Make It
PREHEAT oven to 400ºF. Brown meat with onions in large skillet on medium-high heat; drain. Add salsa, beans, dressing and seasoning mix; mix well.
ARRANGE 3 of the tortillas in single layer on bottom of 13x9-inch baking dish; cover with layers of half each of the meat mixture, sour cream and cheese. Repeat all layers. Cover with foil.
BAKE, covered, 30 min. Remove foil. Bake an additional 10 min. or until casserole is heated through and cheese is melted. Let stand 5 min. before cutting to serve.

Saturday, November 1, 2008

Slow Cooker Hash Brown Casserole

This is one I found online at Its pretty good. I added meat (cubed ham), and it was yummy.

30 to 32 ounces frozen shredded hash browns, thawed
1 cup chopped onion, optional
1 can (10 3/4 ounces) condensed nacho cheese soup, undiluted
1 can (10 3/4 ounces) condensed cream of celery soup, undiluted
8 ounces light sour cream
6 tablespoons melted butter

Preparation:Spray the crockery insert with nonstick cooking spray or lightly grease the inside surface. Combine the thawed hash browns, onion, soups, sour cream, and melted butter. Pack into the slow cooker insert. Cover and cook on LOW for 5 to 6 hours.Serves 6.

Tuesday, October 14, 2008

Pineapple Porkchops

Okay, here goes.

1 can Campbell's golden mushroom soup
1 can pineapple chunks (with juice)
4 porkchops (or pieces of pork of some sort)
chopped green peppers
soy sauce
4 servings of cooked rice

So you brown the pork in a frying pan with a little bit of oil and soy sauce. Brown each side and then add the soup, pineapple and peppers. Simmer until the pork is cooked all the way through. Add soy sauce to taste. Serve over rice.

Most Fantastic and sort-of low-fat Pumpkin Cookies

These were a huge success the other night at Grandpa Pratt's house. They went really fast and got all sorts of compliments, which makes me feel a little bad since they are the easiest thing on the planet. I got the recipe from my friend Ginger, and I have to give her the credit.

1 can of pumpkin pie filling (the big can, from Libby's is what I prefer, but make sure it is pie filling, not just the canned pumpkin)
1 Spice cake mix (whichever brand you like, although Duncan Hines is the kind with no milk product in it.)
1 egg
1 package chocolate chips

Mix it all up, and it should be pretty sticky, more like muffin batter than your average cookie dough. If you feel like it is too wet, add a little flour (half a cup?).

Scoop them onto a cookie sheet with a BIG scoop. I like a real ice cream scoop size thing. Bake for 16 minutes at 350.

It is particularly reccommended that you bake these when you want your house to smell yummy. Yummy is the only word for it. Yummy.

Thursday, October 9, 2008

Baked Chimichangas

This is one of my all time favorite meals! It is from Taste of Home magazine. I like to serve it with spanish rice, refried beans, and a strawberry milkshake. Not that I always serve it that way but when I do, it makes us feel like we are eating in a restaurant. And all the kid love it!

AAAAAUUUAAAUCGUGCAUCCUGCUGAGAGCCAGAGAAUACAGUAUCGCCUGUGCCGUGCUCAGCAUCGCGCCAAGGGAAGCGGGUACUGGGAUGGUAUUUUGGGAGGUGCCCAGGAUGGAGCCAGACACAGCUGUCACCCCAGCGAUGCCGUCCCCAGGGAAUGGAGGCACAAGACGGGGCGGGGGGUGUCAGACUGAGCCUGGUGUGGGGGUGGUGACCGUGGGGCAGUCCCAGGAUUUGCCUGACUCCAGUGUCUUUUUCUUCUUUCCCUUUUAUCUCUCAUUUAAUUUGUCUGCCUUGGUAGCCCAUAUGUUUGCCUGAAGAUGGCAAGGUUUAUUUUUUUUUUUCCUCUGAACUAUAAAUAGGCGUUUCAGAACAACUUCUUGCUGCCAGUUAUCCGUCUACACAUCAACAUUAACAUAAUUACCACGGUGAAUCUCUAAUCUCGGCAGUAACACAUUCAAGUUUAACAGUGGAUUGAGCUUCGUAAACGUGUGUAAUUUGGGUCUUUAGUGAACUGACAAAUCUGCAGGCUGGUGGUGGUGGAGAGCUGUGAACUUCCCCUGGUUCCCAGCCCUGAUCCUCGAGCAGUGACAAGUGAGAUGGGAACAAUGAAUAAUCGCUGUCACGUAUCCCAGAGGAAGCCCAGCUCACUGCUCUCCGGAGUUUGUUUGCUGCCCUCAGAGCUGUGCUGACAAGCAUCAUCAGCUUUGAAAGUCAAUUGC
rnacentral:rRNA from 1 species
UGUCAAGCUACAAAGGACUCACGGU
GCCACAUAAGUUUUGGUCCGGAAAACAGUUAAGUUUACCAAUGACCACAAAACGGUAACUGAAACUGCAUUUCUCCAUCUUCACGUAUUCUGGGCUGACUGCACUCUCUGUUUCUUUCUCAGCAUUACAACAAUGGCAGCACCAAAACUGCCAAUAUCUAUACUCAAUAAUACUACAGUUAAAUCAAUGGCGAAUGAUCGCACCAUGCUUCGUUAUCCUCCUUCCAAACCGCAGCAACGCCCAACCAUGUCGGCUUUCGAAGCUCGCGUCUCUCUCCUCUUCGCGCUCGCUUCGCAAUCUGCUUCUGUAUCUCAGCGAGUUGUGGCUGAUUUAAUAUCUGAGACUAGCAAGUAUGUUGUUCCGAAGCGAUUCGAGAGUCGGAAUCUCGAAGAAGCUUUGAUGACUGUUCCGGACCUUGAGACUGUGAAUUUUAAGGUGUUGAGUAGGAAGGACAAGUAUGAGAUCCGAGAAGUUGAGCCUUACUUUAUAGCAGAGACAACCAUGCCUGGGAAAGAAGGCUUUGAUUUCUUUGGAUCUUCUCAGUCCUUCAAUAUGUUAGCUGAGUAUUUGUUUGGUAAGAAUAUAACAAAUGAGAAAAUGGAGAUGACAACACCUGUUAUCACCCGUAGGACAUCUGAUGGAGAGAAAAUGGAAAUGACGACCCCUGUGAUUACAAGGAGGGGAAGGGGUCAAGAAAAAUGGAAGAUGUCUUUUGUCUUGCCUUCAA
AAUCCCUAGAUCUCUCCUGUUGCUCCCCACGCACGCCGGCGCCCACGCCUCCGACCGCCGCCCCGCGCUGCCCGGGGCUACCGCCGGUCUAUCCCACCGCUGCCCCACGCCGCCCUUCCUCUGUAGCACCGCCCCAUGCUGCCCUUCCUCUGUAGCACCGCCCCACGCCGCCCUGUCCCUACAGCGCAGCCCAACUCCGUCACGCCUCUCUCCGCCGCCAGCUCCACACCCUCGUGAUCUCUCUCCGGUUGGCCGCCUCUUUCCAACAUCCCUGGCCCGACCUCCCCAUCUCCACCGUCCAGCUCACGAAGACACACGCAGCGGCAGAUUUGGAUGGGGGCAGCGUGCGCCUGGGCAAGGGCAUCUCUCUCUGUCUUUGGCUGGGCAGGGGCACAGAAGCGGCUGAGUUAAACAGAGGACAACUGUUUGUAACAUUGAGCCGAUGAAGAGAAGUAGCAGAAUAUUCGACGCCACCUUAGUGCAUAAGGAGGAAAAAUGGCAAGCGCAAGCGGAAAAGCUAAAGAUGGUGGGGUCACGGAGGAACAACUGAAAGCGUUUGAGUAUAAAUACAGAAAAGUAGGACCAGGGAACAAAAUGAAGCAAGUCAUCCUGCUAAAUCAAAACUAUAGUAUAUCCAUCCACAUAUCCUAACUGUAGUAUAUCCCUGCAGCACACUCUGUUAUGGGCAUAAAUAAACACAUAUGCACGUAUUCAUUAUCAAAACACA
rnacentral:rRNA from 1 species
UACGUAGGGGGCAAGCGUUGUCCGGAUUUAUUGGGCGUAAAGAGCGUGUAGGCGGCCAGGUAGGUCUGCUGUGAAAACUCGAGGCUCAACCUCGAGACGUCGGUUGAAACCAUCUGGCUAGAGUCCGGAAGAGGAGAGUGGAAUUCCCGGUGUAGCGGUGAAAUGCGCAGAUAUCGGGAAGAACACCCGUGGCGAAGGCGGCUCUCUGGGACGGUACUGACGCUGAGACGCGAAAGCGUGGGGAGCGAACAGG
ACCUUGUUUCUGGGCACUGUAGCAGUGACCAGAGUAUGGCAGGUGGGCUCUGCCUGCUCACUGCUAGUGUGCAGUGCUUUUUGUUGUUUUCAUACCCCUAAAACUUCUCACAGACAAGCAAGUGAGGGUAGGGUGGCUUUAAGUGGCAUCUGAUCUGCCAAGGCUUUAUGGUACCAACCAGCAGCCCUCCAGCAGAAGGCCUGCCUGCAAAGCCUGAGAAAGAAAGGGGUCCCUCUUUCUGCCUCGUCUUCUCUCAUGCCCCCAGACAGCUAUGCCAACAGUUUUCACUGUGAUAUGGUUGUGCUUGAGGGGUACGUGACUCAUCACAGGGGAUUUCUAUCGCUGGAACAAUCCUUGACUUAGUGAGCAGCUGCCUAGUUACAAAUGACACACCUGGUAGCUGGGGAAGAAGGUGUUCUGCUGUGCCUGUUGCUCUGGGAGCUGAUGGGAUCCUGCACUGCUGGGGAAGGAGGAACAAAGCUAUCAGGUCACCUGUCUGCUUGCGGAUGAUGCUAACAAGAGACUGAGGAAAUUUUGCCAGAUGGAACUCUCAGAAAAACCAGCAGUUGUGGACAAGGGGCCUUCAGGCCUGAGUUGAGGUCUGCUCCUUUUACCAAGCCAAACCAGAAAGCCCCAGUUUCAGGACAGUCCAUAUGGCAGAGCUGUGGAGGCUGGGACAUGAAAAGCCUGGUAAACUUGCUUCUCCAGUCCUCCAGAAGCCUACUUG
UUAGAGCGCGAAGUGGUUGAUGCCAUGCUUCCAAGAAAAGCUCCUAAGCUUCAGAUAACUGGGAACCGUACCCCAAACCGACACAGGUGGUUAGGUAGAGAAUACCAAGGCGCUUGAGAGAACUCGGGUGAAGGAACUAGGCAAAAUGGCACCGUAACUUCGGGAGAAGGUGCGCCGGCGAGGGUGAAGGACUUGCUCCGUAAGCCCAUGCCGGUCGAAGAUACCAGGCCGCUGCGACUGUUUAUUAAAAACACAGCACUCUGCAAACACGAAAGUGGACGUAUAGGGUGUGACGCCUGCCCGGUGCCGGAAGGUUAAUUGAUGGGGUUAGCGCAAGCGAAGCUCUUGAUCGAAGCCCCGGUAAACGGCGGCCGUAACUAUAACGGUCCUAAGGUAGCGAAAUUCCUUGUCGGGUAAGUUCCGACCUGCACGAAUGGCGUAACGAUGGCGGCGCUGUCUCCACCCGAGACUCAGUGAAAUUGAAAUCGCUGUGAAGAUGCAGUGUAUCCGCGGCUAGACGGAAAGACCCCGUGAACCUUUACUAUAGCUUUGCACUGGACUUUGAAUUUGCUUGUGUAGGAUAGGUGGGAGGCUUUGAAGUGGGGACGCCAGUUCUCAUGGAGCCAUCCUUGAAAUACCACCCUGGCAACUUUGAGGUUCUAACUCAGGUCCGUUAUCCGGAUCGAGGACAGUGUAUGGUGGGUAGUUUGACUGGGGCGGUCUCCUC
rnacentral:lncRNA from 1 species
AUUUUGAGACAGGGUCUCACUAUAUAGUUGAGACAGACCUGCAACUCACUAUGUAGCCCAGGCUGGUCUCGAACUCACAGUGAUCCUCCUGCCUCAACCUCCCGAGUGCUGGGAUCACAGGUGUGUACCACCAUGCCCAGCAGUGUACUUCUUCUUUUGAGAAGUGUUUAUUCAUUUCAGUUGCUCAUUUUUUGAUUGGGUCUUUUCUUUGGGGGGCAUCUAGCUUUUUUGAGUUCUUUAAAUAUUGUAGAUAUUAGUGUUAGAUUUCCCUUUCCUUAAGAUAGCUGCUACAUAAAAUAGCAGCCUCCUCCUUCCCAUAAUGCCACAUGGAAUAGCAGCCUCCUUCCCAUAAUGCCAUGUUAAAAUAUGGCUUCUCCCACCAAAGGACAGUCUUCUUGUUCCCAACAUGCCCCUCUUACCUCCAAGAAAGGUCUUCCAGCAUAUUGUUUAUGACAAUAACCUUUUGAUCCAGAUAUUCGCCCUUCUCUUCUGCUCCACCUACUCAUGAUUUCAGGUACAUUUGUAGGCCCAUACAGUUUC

2 1/2 cups shredded chicken breast
1 cup salsa
1 small onion, chopped
3/4 ground cumin
1/2 tsp dried oregano
6 large tortillas or 12 small tortillas
shredded cheese
1 cup reduced sodium chicken broth
2 tsp chicken bouillon granules
1/8 tsp pepper
1/4 cup all-purpose flour
1 cup fat-free half and half cream
1 can (4ounces) chopped green chilies

Simmer first 5 ingredients in a nonstick skillet until heated though and most of the liquid evaporates. Place chicken mixture down the center of each tortilla, top with shredded cheese. Fold into classic chimichanga shape, place seam side down in a 13x9 glass pan that has been sprayed with cooking spray. Bake uncovered for 15 minutes at 425. (My oven takes longer). You will know they are down when they are slightly browned and the tortilla is crispy.

Now for the sauce (which is the best part!). Heat broth, bouillon and pepper until bouillon is dissolved. Combine flour and cream until smooth; stir into the broth. Bring to a boil; cook and stir for 2 minutes or until thickened. Stir in chilies; heat through. To serve, cut chimichangas in half: spoon sauce over top.

Roasted Lemon Potatoes

This something I created to go with the garlic lime chicken. They complement the chicken nicely. I don't have exact measurements, it depends on the crowd. It is one that is easy to make for any size.

chopped medium red potatoes (scrubbed clean, peels on)
olive oil/melted butter
lemon juice
snipped fresh parsley
salt and pepper

Mix above ingredients together. Put it in one layer on a cookie sheet. Turn potatoes 1 during baking. Bake until tender. (I do it at the same time I am baking the chicken, so I am not sure what normal temperature or time woule be, but y'all are smart enought to cook potatoes so I'm sure you'll figure it out)

Garlic Lime Chicken

This has become a fovorite at the Nelson house. I often times but the chicken when it is clearanced out. I then put the marinade in a ziploc bag with the chicken and stick it in the freezer. When we want a nice meal, I pull it out the night before and let it marinade and thaw in the refrigerator.

1/2 cup lime juice
1/4 cup cider vinegar
3 tsps minced garlic
2 tablespoons dried oregano
1 tablespoon dried coriander
2 tsp salt
1 tsp paprika
bone-in chicken (I like to use chicken breasts when on sale)
1/4 cub olive oil

Combine all ingredients except oil in a resealable plastic bag. Refrigerate over night or at least 8 hours.
Discard marinade. In skillet brown chicken on all sides in oil. Transfer to greased baking pan. Bake uncovered for 35-40 minutes and juices run clear. (I am actually unsure on baking time for a normal oven - mine is a little kooky)

Wednesday, October 8, 2008


Umm, so the story behind this should be self-explanatory, but in case you don't know some of the details, here you go. I learned the recipe in France, it is true, from real French people too! But I was terribe at it, and then one day a mission companion showed me a few tricks for making them succeed. She was from Sweden. I have been told that some of my tricks are cheating, but I have never had any complaints as to flavor or results, so I'll take the cheating! This makes a great conference breakfast!!!! It was one of the first requests my friends made when I got back, please can we have crepes for conference breakfast. I am only too happy to oblige. And they were a success again, so I haven't lost my touch!